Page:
Potter-Sculptor Adolf Odorfer followed a long and winding road to his artistic destiny. Born in Austria, Odorfer studied ceramics in Vienna, before emigrating to Brazil in the 1920s. He worked, briefly, designing pottery in Sao Paulo, then, set off on a cross-continental odyssey, lasting several years, which eventually took him to Tlaquepaque, Mexico in 1932. The resourceful Odorfer did a bit of everything along the way, cooking, herding goats, even dabbling in medicine.
In Tlaquepaque, Odorfer resumed ceramic work at the Arte Azteca pottery studio, where he met his future wife, Ella Moen, an art professor at Fresno State College in California, who was studying Mexican folk art. Odorfer followed Ella back to Fresno in 1935, set up a potter’s wheel and kiln, taught ceramics at the college (as well as false-teeth modeling to pre-dental students!) and made California his home.
Thanks to the untiring efforts of his wife, Odorfer became internationally known for his distinctive, sculptural-ceramic works in a Picasso-like, Mexican-Pre-Columbian style. A 24-foot metal statue of two cubistic figures embracing, designed by Odorfer, now stands in the Mariposa Mall of his adopted hometown of Fresno.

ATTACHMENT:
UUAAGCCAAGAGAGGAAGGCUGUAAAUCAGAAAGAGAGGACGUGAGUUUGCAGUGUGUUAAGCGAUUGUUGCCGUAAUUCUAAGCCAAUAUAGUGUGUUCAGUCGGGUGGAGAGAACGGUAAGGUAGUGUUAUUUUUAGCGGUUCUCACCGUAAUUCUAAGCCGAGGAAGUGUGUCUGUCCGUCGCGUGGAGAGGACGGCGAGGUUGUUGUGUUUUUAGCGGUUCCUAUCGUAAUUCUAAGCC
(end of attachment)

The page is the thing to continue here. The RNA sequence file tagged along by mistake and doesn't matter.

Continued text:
Ella and Adolf Odorfer were the perfect couple, totally dedicated to art-making and teaching. Their house in a forested plot in Fresno was more a museum-studio than living space, decorated on the outside with primitive white line figures and totemic sculptures. California Artist Phil Bowers, who curated exhibitions of Odorfer's work, often visited the widower artist in his later years, and found he had to navigate his way between wall-to-ceiling artifacts, collectibles, and Odorfer art pieces!
Odorfer was not religious in any conventional sense, but sacred themes often appear in his work. He told Bowers he liked Bible Stories for their “archetypal content and movement.” Odorfer is represented in the Sacred Art Pilgrim collection by a series of drawings on the themes of Adam and Eve, the Madonna and Child, and the Human Family. They are unique documents of an artistic imagination at work. His images of Mary and Jesus show the influence of Picasso and Cubism, African wood sculpture, Pre-Columbian pottery, and Central European folk art.
Odorfer was a compulsive sketcher who grabbed whatever slips of paper were at hand in moments of inspiration. He made drawings on the back of envelopes, military medical forms, mimeographed letters, even the announcement for a 1948 Ceramics Exhibition at the Wichita Art Association!
Biographical material from Odorfer Ceramics by Phil Bowers (Dumont Printing: 2006)